Conscious Sedation in Room 48G by Sarah Sorensen

Working the tooth back and forth with my tongue, I begin to feel the pain of it. Something, some large bird, pecked it loose while I have lain here semi-conscious under the influence of whatever was put into my IV. This thing, this bird thing, had been only half visible to my blank, stoned eyes and immobile hands. It had hovered over me, neatly pulverizing the upper left canine tooth while the rest of me remained safe, untouched.

This happened on the previous night as well; at least I believe that it was the previous night. My sense of time has become suspect. On that occasion it was the upper right canine, and that is long gone now. The large bird had appeared in the night, pecking into my mouth with its long razor beak, and then too I had been immobile.

I wonder if the bird will return. I swallow hard. I swallow and swallow and swallow the tooth. The open gap matches the other side. I try to stretch out my arms and fail. The large bird is winning. The large bird is winning just a little bit more every day. Each day I feel weaker, each day more inept. My brain struggles to make sense of its surroundings.

The nurse scolds me for losing another tooth and then, for swallowing it. “The bird,” I struggle to say, “the bird.”

“No,” she says. “Another will not grow in its place.”

I try again, but she cannot make sense of my words and repeats herself. Her nimble hands prod and poke, and her efficient face points down at me. I look at the huge mound of my belly, the place upon which the bird so often perches. I try hard to recognize it as my own.

My mother’s face appears over me. I try to call to her, to ask to go home, but again I feel my own thick tongued, foggy headed defeat. Pathetic and ineffectual tears roll to the pillow. My fists will not fist and I cannot bang them on the rails of this too long too thin bed.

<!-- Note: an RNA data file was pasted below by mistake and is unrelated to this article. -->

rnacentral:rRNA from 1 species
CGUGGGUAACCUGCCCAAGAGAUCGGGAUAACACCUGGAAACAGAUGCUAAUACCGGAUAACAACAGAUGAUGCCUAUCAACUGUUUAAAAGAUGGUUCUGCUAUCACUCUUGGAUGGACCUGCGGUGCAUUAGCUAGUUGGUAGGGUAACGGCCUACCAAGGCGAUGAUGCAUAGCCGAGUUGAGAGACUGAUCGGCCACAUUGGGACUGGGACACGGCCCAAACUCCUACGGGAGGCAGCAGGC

“It won’t be long now,” she says soothingly. “The stork is coming. The stork is coming and after he helps you drop that bundle, you’ll be feeling all better.”

As she says this, she strokes my bulbous stomach and I feel someone beating against the inside of me. I feel someone trapped. The thing beating against me is both myself and someone else. I try again to speak, but my lips wobble and I drool. My saliva mixes with a thin stream of blood, and the thick liquid issues from the new gap in my mouth. I wonder if the thing inside thinks, or if it just lives on sensation. I will it to telepathically understand that we are under duress. I will it to resist the bird. To help me fight. All I feel is blankness now. It is still and I am still. We may not be breathing. I look into Mother’s face, but her face is now looking elsewhere. Her hands fiddle with the trays and forks and water pitchers at my side.

Sighing, Mother turns toward the door.

I hear the tremendous wings beating as she leaves the room.

 

 

Sarah Sorensen’s work has most recently been published online or in print at The Battered Suitcase, Knee-Jerk, The Ear Hustler, Metazen, Short, Fast and Deadly, Staccato, Dark Sky, and Bastards and Whores. She will be presenting scholarship on radical, sex-positive, queer pornography at the 2012 Popular Culture Conference in Boston.



One Response to “Conscious Sedation in Room 48G by Sarah Sorensen”

  1. Victor F says:

    Swallowing the tooth is not so bad, maybe the person trapped inside can use it.

    The relentless toll time takes on the body is in our nature, the stork is there to remind of this unavoidable fact. The body’s decay is allowed to he stretched on and on by modern science, but it can’t yet overcome decomposition and death. We become paralyzed hunks of meat scolded for letting our flesh accumulate imperfections, diseases.

    Such depth in so short a vignette. Well done my friend!

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